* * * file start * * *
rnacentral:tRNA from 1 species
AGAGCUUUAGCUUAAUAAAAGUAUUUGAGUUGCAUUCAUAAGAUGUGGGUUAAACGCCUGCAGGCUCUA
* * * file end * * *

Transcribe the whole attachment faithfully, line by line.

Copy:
rnacentral:tRNA from 1 species
AGAGCUUUAGCUUAAUAAAAGUAUUUGAGUUGCAUUCAUAAGAUGUGGGUUAAACGCCUGCAGGCUCUA